Parallels in Psychological Factors in Technical Diving and the Olympics

Achieving the Olympic dream is often described as the culmination of four years or more of hard work, sacrifice, commitment and dedication. To be an Olympian, there will be three components that must be present in each competitor before the dream can be achieved: talent, physical potential and psychological potential. Whether someone gets to "live the dream"""" is entirely dependent on whether they can maximise the three elements. """

Photo by Peter Symes

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A native of the Republic of Ireland, Matt Jevon, MSc., is an experienced and passionate open and closed circuit 100m trimix diver and full cave diver.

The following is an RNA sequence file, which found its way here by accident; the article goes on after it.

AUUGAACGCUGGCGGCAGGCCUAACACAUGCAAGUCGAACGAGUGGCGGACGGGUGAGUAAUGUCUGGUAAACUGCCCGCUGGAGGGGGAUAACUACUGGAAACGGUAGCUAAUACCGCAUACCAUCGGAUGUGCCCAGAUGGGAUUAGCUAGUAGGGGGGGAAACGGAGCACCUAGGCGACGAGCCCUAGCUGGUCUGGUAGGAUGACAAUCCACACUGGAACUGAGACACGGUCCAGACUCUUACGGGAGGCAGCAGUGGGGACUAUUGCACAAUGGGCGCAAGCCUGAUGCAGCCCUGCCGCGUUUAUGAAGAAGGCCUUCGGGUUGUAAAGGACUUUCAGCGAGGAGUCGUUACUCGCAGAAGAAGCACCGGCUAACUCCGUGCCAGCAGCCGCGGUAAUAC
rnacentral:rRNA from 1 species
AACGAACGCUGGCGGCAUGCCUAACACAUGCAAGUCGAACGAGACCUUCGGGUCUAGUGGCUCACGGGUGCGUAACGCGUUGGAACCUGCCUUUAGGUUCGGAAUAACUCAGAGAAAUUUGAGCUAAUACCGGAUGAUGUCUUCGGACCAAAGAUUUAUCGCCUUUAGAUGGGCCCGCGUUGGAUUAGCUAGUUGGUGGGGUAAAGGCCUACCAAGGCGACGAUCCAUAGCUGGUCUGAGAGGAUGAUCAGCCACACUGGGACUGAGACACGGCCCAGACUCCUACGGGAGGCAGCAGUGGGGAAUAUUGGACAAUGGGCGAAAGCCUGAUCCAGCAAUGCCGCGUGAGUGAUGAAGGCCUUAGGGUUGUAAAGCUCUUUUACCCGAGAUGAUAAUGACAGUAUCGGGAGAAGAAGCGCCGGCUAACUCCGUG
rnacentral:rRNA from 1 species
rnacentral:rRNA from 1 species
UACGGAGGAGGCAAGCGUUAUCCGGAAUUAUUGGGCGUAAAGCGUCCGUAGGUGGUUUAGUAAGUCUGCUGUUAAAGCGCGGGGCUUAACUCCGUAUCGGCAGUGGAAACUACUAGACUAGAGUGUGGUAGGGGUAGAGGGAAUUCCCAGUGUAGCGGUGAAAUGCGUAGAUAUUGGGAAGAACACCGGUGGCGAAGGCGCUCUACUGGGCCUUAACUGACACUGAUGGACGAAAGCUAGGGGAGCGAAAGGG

Whether using backmount, sidemount or his favourite JJ-CCR rebreather, Jevon believes technical diving is all about being safe, having an awesome dive and enjoying experiences few people share.

Jevon holds instructor qualifications from TDI, PADI TECREC and IANTD, and partly owns South West Tech—a TDI dive centre in Ireland.

Jevon is also an approved JJ-CCR instructor and dealer. In addition, he is a sports psychologist, senior rugby coach and works in strategy and private equity.

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Surprisingly perhaps it is not the most talented that always succeed. In fact, an abundance of talent can actually work against the potential success as insufficient drive and effort is needed and thereby applied to realise a good level of success. When the last three percent is needed and its drive and commitment that will get them there, the highly talented are often found lacking to make the final step to the top of the tree.